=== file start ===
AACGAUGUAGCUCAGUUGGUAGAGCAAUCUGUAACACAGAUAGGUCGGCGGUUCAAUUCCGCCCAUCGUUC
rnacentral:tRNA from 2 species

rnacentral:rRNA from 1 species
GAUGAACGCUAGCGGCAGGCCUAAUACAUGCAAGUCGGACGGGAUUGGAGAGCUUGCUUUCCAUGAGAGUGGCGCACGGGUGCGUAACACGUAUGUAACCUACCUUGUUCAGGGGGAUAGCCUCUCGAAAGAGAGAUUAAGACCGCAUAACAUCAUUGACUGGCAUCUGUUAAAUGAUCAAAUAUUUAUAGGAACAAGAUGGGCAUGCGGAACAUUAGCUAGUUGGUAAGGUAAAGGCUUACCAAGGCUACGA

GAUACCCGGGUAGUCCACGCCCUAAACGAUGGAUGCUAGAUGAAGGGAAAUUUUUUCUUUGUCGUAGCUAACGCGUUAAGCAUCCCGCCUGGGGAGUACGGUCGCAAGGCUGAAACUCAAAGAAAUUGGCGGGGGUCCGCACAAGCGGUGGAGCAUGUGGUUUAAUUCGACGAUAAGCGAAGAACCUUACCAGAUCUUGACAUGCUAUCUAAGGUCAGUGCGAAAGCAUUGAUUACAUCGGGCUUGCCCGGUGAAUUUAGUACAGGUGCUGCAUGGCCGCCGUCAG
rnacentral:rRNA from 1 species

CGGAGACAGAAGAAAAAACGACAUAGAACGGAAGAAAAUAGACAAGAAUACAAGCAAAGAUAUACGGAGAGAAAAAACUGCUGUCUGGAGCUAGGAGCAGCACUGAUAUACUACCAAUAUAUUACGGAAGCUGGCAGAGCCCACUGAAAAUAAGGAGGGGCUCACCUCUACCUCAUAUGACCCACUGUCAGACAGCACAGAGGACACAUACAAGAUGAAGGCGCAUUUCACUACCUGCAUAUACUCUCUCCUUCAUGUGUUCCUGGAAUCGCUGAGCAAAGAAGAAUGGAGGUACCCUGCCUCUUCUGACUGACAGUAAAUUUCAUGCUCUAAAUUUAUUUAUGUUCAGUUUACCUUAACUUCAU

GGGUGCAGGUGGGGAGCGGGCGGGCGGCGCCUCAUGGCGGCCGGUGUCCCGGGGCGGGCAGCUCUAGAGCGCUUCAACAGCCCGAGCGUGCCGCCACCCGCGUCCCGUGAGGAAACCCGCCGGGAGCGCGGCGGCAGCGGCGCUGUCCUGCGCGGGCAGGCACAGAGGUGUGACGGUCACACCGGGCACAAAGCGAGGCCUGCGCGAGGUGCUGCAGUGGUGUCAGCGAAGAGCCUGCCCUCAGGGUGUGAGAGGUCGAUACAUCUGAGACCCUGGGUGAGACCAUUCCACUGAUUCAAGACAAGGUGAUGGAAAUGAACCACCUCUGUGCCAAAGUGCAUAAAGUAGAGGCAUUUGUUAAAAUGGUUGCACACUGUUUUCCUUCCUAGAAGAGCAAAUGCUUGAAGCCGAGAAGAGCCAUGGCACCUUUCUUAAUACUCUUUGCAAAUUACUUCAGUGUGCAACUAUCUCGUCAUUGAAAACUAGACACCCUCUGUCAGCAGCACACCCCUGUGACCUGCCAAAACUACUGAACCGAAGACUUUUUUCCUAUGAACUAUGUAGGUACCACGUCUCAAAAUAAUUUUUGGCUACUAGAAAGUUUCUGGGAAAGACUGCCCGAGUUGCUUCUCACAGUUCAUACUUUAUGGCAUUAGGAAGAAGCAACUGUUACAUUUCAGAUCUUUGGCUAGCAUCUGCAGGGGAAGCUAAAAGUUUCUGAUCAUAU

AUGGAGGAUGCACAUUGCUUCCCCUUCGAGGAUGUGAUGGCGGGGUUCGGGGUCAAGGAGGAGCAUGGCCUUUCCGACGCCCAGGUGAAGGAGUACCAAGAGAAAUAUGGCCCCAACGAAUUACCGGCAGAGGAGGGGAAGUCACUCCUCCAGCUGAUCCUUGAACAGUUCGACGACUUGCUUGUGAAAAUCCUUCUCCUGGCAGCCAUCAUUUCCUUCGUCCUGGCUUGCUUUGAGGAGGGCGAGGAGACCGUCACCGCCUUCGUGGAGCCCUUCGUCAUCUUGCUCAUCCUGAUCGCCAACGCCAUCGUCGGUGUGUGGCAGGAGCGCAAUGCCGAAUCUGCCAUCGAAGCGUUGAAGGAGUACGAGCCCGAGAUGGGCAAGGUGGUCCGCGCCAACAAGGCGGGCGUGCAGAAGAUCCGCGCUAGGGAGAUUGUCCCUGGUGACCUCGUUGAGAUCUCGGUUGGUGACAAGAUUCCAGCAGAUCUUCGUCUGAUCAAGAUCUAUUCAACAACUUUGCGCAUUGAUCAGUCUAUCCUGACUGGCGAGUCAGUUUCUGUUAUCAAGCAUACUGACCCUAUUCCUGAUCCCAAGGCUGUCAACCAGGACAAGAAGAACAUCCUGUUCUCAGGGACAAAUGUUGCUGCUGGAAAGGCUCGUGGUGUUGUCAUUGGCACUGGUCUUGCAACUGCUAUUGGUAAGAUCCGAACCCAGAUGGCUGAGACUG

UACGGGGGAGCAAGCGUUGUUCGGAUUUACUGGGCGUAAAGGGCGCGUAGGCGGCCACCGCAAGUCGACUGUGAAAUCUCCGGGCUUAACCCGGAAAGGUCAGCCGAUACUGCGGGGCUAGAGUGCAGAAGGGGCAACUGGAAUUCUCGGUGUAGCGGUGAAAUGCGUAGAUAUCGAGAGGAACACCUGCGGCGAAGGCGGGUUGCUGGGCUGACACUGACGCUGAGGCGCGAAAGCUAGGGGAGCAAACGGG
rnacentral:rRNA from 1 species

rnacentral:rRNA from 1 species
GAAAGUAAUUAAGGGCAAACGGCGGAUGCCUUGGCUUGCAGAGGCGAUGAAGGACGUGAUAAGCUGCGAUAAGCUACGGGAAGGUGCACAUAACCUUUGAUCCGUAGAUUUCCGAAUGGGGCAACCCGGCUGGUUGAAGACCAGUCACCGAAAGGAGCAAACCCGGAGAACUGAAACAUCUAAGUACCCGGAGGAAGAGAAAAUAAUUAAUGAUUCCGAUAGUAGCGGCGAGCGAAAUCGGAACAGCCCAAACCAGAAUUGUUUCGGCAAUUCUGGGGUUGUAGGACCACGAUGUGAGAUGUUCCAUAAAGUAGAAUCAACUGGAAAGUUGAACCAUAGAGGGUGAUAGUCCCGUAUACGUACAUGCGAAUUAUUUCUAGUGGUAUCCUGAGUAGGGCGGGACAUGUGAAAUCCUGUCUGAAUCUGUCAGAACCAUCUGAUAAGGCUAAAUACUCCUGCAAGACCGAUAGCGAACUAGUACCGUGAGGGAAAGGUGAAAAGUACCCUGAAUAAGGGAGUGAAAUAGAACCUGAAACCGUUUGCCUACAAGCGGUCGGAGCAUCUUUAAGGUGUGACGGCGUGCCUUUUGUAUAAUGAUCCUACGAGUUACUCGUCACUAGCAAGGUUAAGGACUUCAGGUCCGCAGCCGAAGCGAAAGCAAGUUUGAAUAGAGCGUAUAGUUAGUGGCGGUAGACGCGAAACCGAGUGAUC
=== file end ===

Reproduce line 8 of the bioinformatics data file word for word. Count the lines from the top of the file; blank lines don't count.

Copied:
GGGUGCAGGUGGGGAGCGGGCGGGCGGCGCCUCAUGGCGGCCGGUGUCCCGGGGCGGGCAGCUCUAGAGCGCUUCAACAGCCCGAGCGUGCCGCCACCCGCGUCCCGUGAGGAAACCCGCCGGGAGCGCGGCGGCAGCGGCGCUGUCCUGCGCGGGCAGGCACAGAGGUGUGACGGUCACACCGGGCACAAAGCGAGGCCUGCGCGAGGUGCUGCAGUGGUGUCAGCGAAGAGCCUGCCCUCAGGGUGUGAGAGGUCGAUACAUCUGAGACCCUGGGUGAGACCAUUCCACUGAUUCAAGACAAGGUGAUGGAAAUGAACCACCUCUGUGCCAAAGUGCAUAAAGUAGAGGCAUUUGUUAAAAUGGUUGCACACUGUUUUCCUUCCUAGAAGAGCAAAUGCUUGAAGCCGAGAAGAGCCAUGGCACCUUUCUUAAUACUCUUUGCAAAUUACUUCAGUGUGCAACUAUCUCGUCAUUGAAAACUAGACACCCUCUGUCAGCAGCACACCCCUGUGACCUGCCAAAACUACUGAACCGAAGACUUUUUUCCUAUGAACUAUGUAGGUACCACGUCUCAAAAUAAUUUUUGGCUACUAGAAAGUUUCUGGGAAAGACUGCCCGAGUUGCUUCUCACAGUUCAUACUUUAUGGCAUUAGGAAGAAGCAACUGUUACAUUUCAGAUCUUUGGCUAGCAUCUGCAGGGGAAGCUAAAAGUUUCUGAUCAUAU